Statistical Forecast Options

Forecast Type

There are many different approaches to creating a Statistical Forecast but the most common methods / model types are:

  • Moving Average - Smooths data to create a less volatile line. Smoothed past data can be used to create smoother forecasts.
  • Exponential Smoothing - Similar to Moving Average but uses the forecast error to drive forecast direction.
  • Regression - Uses at least one variable (such as number of stores) to predict another (the volume of sales).

Intelligent Systems

Intelligent Systems such as Demantra, JDA Demand, SAP Advanced Planning, Kinaxis, Logility and Infor can automate the analysis of forecast types and their variations and then select the most appropriate. There are two typical approaches:

Best Fit: Apply the most appropriate from a selection that will be used on al combinations (ODP)

Bayesian: Blend the best forecasts across the horizon into one forecast (Demantra)

Forecast Level

The results of a Statistical Forecast will differ depending on the Level that it has been created at. Generally lower is better but issues like short lifecycles and unique customer products can force grouping levels. If you set levels too low the variations in data might be large causing decreased accuracy. Statistical Forecasts generated from higher grouping levels can produce better results than using the lowest levels but inaccuracies can be magnified at aggregate levels! If you set levels to high, the forecast might pick up localised trends and allocate them incorrectly.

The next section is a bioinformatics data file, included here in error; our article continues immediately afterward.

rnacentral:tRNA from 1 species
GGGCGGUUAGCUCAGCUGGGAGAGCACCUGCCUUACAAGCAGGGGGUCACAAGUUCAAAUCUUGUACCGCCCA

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The Dimension Levels that you choose should relate to your company data and processes and the needs of the business.


Forecast Time

The accuracy of the Statistical Forecast will depend on the length of History analysed by the engine, the horizon of Forecast and the methodology used to created the accuracy measures.  

3 years of past data is recommended to generate decent seasonal trends.  

Engine tuning can dramatically improve forecast accuracy and consider tuning for the horizon that is most critical - for example tune the near forecast for higher accuracy at the expense of distant horizon.

Determine the Calendar (Gregorian, Manufacturing, Fiscal, Composite) but be sure to evaluate the impact of forecasting and reporting across your organisation.  Some calendars cannot have weeks.

Don't neglect the Cycle Time for your forecast.   Do you want to make it faster?  Consider the impact of S&OP / IBP.